[Top][All Lists]

[Date Prev][Date Next][Thread Prev][Thread Next][Date Index][Thread Index]

SECONDS=0 does not reset SECONDS, or I'm missing something

From: Andreas Kusalananda Kähäri
Subject: SECONDS=0 does not reset SECONDS, or I'm missing something
Date: Thu, 4 Jun 2020 12:14:03 +0200

I wrote a small script to delete many hundreds of thousands of files
off a very slow disk.  The script is executed from find(1) and is
given pathnames of directories to delete as arguments.  If a directory
takes a second or more to delete a directory, the script sleeps for
the amount of time it took to delete that directory before proceeding,
in an attempt to let the filesystem sync metadata (this may have been
misguided but it's not really important).

        #!/usr/local/bin/bash -x

        for name do
                rm -r -f "$name"
                [[ SECONDS -gt 0 ]] && sleep "$SECONDS"

What I noticed was that the script would go to sleep for a second
every second, even if the deletion of directories was quick.  This
indicates that SECONDS=0 didn't properly reset the SECONDS timer.  Or,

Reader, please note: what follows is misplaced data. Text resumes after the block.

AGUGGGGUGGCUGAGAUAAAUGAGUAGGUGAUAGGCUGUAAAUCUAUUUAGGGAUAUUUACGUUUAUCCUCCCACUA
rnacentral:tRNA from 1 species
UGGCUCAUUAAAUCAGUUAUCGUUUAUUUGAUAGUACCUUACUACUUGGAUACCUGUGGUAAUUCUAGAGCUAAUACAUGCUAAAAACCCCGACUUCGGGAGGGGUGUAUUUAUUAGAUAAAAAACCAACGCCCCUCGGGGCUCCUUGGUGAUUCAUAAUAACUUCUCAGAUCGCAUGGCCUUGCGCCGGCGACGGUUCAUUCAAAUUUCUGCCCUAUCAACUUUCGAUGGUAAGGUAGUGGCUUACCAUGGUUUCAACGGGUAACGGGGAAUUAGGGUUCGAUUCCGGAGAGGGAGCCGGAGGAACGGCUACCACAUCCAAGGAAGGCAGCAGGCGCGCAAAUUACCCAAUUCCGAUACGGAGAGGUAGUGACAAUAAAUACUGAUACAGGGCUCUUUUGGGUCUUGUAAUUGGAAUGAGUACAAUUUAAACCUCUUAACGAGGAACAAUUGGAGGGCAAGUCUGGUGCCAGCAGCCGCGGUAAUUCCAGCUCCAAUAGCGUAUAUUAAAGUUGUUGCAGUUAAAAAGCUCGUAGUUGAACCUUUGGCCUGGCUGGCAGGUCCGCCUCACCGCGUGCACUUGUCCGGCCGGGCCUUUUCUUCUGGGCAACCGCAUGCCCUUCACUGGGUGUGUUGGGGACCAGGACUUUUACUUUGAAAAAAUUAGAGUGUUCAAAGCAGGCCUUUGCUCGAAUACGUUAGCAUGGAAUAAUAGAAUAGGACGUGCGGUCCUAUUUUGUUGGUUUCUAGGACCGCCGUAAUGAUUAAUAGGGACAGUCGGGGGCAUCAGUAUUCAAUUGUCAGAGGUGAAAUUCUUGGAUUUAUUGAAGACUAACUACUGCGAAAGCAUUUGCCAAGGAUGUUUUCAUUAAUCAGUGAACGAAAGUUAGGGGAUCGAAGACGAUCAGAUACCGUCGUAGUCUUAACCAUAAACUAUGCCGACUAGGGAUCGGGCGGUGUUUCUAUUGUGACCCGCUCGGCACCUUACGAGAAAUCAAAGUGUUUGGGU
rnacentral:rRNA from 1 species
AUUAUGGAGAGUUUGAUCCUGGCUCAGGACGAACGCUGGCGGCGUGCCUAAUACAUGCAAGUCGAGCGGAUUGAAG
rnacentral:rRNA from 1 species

it indicates that the timer is set by the system's clock (the current
second according to the current time), and that it is not a real "timer"
at all.  Or, that I have misunderstood something about how SECONDS is
supposed to work.  Or, all of the above (please confirm).

A sample script (see below) reproduces this with a tight loop on macOS
Catalina running "5.0.17(1)-release (x86_64-apple-darwin19.4.0)"
(bash from Homebrew) and on OpenBSD 6.7 running "5.0.17(1)-release

        while true; do SECONDS=0; [[ SECONDS -gt 0 ]] && echo hi; done

(will print "hi" more or less once a second, and possibly slightly less
often occasionally)

So, I don't know whether this is an error in the documentation, my
understanding of it, or in how the SECONDS variable is set/managed
internally by the shell.  I'm assuming I'm misunderstanding.

For reference (from the bash manual):

               Each time this parameter is referenced, the number
               of seconds since shell invocation is returned.  If a
               value is assigned to SECONDS, the value returned upon
               subsequent references is the number of seconds since
               the assignment plus the value assigned.  If SECONDS is
               unset, it loses its special properties, even if it is
               subsequently reset.

Andreas (Kusalananda) Kähäri
SciLifeLab, NBIS, ICM
Uppsala University, Sweden


reply via email to

[Prev in Thread] Current Thread [Next in Thread]